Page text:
How To Explain BLW to Family & Friends (& Not Sound Crazy)

Given current trends, more and more modern mothers are choosing to adopt baby-led weaning as a method of introducing solid foods to their infants. This can be viewed as a revival, as BLW has a longer history than the conventional approach of using spoons to feed babies.

Think about it: What did parents do before there was such a thing as baby food and purees? They gave their baby the food from their plate and cut it appropriately for their little one. 

Unfortunately, self-feeding is still a novel concept for many people. 

A common problem that this generation of BLW mothers faces is negative feedback and criticism from their parents or older family members/friends about their decision to pursue BLW.

It is an approach that the older generation does not seem to grasp very well, and their opinions and lack of support can make it difficult for a young mom trying to teach her child to self-feed. 

As a young mother of twins with the first grandchildren on either side of the family, I understand the struggle of trying to show family members the benefits of BLW

Included in this list are ideas that either myself or other mothers have tried in an effort to teach others about the benefits of BLW and why it is such a beneficial feeding approach. 

1. Share Videos

For some, seeing is believing! BLW has blown up sites like Instagram, Facebook, YouTube, and TikTok.

Find some informative reels that show the benefits of BLW and include videos of babies enjoying the process while getting the nutrients that they need. 

Sometimes all a person needs is a visual to show them that BLW can be done safely and that a baby, when displaying cues of developmental readiness, can handle real food. 

2. Share Websites or Reading Material About BLW

For those that need the facts, consider referring them straight to the sources where you are getting your information.

With the plethora of research and resources available to today’s moms, we have more knowledge at our fingertips that the older generation may not have had access to.

Show them that there are years of research and evidence to back up the BLW approach and that it isn’t just a “fad” that you are trying out for the sake of fitting in. 

When you show them the research you are doing, it helps them see that your baby’s health and safety are your top priority and that you aren’t taking it lightly! 

3. Show Them How Much Baby Enjoys It

If they see that your baby is enjoying it, they may warm up to the idea faster. Send videos of your little one having a great time eating — mess and all!

4. Have a List of Benefits Ready To Share

Come prepared with a mental note (or maybe written if that’s your jam!) of all the BLW benefits you have witnessed yourself or learned from your research.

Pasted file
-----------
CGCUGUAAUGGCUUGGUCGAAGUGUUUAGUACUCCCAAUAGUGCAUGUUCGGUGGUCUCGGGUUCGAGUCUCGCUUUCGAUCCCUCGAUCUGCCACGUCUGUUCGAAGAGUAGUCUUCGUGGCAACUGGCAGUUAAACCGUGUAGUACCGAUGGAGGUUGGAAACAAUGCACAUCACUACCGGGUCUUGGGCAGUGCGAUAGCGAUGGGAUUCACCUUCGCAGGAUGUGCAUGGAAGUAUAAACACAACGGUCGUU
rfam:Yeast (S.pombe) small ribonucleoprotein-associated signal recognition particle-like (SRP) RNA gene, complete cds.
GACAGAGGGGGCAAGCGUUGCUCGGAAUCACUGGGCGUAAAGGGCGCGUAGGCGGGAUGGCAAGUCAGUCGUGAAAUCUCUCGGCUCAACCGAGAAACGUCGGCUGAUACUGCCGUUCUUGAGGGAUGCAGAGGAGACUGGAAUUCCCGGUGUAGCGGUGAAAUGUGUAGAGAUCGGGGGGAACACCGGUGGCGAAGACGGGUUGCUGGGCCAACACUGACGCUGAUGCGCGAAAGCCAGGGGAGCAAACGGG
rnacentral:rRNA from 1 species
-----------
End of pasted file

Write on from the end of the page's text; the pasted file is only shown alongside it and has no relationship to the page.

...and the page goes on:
5. Share a Sample Menu for the Week

Show them the yummy and nutritious foods that your baby will be eating during the week.

Explain that they are getting the same, and likely more, nutrients as they would be from baby purees while also developing crucial motor skills. 

A green baby plate with a sample of a typicle BLW meal.

6. Be Empathetic At First

Most grandparents/friends/family members who criticize baby-led weaning are usually coming from a place of love. 

They are likely expressing their concern because they love your baby and want him/her to be safe and healthy.

When criticisms or worries are expressed, try to be empathetic at the beginning of your response.

For example, if your baby begins to gag while chewing food, say something like “I was so scared of that in the beginning too! But I’ve learned that it is an important part of development and does not mean that my baby is choking.” 

Responses similar to the one above show that you recognize how they are feeling and that you had similar concerns but have been able to resolve them through experience with BLW. 

7. Address Their Concerns

Many people who do not agree with or do not fully understand BLW have some of the following concerns: 

  • Baby will choke on food
  • Babies cannot eat allergens such as nut butter, dairy, etc. 
  • Baby is not getting enough nutrients or calories
  • Baby cannot feed himself and will be hungry

Be prepared to kindly respond to each of these concerns with what you have learned in your BLW journey or from your own research.

Ensure them that you would never do anything that would be unsafe for your little one and that you experienced similar concerns in the beginning, but they have since been resolved as you have seen your baby thrive with BLW. 

Wrapping It Up

In conclusion, BLW still raises some skepticism, especially among older generations that have only known baby purees and spoon-feeding.

You can expect some pushback in the beginning of your journey; however, there are ways to help them see the benefits of this feeding approach!

Ultimately, how you choose to feed your baby is up to YOU and no one else! Be patient and kind with others, but also be firm and consistent if BLW is the route you want to take.

You know your baby best, and it is your child! Don’t let criticism and unsolicited advice from others make you question your ability to do what is best for your child.

Do your research, be mindful of your baby’s cues, and be confident in the decision you make for your little one.

Baby Eating Carrots and Broccoli
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